In the report of claimant's echocardiogram, Dr. Hanna stated that claimant had mild mitral regurgitation. Dr. Hanna, however, did not specify a percentage as to claimant's level of mitral regurgitation. Under the definition set forth in the Settlement Agreement, mild mitral regurgitation is defined as "(1) either the RJA/LAA ratio is more than five percent (5%) or the mitral regurgitation jet height is greater than 1 cm from the valve orifice, and (2) the RJA/LAA ratio is less than twenty percent (20%)." Settlement Agreement§ I.38.
In January, 2012, the Trust forwarded the claim for review by Noyan Gokce, M.D., F.A.C.C., F.A.S.E., one of its auditing cardiologists. In audit, Dr. Gokce determined that there was no reasonable medical basis for the attesting physician's representation that Ms. Elliott had at least mild mitral regurgitation between the commencement of Diet Drug use and the end of the Screening Period. Specifically, Dr. Gokce explained, "The study is technically limited. There was no evidence of any sustained or discernable jet of mitral regurgitation in any of the views."7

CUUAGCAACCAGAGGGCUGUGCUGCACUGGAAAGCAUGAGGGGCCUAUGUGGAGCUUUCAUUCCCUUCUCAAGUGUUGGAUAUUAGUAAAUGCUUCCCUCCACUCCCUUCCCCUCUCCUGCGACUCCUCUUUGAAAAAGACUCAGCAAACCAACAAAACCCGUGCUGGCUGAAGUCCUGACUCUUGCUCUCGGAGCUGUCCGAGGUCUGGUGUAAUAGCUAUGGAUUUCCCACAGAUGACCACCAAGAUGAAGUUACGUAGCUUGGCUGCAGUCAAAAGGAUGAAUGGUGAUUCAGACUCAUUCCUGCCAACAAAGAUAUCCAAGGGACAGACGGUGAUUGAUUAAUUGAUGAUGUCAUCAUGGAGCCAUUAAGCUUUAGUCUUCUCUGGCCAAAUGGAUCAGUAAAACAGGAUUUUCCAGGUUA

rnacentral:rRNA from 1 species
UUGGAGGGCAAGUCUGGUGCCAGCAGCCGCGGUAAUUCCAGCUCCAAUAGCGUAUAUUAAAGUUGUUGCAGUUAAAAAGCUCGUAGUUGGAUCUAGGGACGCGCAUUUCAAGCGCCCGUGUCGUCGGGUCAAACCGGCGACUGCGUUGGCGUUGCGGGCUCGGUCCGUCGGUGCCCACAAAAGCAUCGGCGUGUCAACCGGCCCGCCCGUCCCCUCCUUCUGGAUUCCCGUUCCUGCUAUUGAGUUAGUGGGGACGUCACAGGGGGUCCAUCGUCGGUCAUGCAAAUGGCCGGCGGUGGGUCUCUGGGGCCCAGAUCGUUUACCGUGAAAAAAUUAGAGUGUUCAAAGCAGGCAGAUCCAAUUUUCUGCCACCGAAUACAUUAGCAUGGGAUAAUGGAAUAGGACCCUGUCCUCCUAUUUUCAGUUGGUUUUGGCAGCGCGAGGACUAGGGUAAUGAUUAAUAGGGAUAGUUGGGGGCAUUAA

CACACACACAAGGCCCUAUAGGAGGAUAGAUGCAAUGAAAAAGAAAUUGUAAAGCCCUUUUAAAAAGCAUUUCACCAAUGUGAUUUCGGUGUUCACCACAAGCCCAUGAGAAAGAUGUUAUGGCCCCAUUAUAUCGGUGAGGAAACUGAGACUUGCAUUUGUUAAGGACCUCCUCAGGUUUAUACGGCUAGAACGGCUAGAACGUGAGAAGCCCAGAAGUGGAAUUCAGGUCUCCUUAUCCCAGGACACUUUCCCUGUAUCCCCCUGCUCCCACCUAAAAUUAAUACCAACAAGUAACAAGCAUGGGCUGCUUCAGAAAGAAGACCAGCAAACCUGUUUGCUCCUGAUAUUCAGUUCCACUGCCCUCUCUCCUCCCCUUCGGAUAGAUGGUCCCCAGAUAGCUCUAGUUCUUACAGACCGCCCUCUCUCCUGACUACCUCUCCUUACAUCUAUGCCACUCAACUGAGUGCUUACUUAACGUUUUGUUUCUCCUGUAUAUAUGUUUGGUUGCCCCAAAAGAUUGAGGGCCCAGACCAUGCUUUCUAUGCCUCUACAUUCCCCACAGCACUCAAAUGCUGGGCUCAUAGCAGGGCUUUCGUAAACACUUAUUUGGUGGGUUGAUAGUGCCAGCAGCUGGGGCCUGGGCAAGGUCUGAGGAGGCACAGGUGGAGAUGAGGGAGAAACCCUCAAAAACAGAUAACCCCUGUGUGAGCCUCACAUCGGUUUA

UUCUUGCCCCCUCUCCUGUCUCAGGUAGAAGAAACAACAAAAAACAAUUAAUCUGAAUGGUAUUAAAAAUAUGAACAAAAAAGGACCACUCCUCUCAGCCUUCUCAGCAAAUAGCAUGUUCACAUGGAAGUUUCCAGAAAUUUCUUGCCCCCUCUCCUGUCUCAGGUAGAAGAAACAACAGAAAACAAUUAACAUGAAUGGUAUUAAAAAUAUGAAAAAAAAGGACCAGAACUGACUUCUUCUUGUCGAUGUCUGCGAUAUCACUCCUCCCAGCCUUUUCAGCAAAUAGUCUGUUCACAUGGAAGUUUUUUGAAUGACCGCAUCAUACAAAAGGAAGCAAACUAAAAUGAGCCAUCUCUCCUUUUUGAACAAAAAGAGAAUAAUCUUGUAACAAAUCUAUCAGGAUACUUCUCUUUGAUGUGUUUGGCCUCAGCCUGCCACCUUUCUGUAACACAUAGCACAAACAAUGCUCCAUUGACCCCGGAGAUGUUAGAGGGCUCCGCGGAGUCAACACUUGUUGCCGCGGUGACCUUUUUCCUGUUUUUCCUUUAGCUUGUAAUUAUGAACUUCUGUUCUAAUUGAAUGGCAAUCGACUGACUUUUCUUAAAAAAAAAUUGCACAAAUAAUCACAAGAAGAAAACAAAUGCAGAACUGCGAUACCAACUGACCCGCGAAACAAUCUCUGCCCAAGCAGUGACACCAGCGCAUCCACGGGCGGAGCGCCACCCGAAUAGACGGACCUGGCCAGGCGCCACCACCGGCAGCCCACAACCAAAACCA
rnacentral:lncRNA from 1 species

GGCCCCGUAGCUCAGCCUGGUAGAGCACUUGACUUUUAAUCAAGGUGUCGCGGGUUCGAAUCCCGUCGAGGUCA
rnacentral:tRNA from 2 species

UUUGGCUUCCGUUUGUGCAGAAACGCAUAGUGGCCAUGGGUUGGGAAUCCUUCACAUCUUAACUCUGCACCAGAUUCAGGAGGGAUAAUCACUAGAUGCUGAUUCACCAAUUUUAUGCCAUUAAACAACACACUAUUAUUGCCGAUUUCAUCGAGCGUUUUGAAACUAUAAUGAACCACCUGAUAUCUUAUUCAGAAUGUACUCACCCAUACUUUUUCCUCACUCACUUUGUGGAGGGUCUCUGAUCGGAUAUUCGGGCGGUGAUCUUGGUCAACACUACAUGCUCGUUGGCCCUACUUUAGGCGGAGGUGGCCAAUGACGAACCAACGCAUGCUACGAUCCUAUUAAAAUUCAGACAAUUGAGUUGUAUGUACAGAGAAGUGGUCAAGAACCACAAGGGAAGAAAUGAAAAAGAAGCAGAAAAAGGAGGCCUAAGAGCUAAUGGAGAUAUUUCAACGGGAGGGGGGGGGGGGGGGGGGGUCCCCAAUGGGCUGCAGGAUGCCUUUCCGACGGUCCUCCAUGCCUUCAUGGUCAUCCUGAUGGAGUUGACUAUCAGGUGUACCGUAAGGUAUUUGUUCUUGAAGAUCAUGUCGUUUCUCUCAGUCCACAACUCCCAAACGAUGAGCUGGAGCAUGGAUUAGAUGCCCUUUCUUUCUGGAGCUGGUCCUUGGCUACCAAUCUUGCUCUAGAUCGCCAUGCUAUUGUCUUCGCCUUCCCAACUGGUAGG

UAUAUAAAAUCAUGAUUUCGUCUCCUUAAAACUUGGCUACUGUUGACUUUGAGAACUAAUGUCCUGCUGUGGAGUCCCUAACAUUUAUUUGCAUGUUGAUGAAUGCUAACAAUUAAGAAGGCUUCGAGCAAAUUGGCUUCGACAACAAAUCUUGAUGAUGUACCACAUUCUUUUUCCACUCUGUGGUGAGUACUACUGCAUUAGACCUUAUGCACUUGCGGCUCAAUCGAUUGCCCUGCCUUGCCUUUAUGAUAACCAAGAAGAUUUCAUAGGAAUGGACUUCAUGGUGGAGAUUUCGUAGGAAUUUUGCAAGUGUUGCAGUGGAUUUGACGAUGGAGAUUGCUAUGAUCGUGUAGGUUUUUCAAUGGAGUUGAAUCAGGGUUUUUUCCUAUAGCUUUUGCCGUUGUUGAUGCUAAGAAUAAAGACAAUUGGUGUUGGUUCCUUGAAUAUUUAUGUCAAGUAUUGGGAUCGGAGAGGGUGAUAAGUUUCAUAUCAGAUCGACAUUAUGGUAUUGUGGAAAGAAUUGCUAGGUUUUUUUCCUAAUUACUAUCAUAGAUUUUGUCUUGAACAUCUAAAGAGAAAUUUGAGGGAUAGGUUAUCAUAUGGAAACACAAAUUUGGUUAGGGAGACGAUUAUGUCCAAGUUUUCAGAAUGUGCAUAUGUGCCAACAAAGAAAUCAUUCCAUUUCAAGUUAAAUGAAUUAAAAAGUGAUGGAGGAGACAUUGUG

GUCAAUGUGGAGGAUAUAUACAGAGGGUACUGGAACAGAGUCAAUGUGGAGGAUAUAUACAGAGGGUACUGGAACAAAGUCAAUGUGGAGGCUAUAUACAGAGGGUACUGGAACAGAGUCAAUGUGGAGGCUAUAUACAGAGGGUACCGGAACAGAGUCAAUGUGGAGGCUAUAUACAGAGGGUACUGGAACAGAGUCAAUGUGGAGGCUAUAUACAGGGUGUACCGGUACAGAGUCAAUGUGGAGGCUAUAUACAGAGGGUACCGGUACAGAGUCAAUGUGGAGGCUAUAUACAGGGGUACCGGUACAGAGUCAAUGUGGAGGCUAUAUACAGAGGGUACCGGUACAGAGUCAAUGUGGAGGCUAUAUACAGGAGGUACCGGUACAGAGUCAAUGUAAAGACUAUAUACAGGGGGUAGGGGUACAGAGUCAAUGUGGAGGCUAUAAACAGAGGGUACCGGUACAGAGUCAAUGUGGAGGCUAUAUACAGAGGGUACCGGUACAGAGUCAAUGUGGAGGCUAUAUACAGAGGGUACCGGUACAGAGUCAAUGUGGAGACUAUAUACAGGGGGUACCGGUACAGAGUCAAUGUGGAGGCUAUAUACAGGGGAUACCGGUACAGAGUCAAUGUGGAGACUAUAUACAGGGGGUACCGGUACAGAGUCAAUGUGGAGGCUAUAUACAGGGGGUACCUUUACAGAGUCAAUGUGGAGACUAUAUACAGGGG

Based on Dr. Gokce's finding that there was no reasonable medical basis for finding that Ms. Elliott had at least mild mitral regurgitation between the commencement of Diet Drug use and the end of the Screening Period, the Trust issued a post-audit determination denying Ms. Elliott's claim. Pursuant to the Rules for the Audit of Matrix Compensation Claims ("Audit Rules"), claimant contested this adverse determination.8 In contest, Ms. Elliott argued that the reports of her August 30, 2000 and October 24, 2002 echocardiograms indicate at least mild mitral regurgitation. According to claimant, the auditing cardiologist substituted his opinion for that of her treating cardiologist.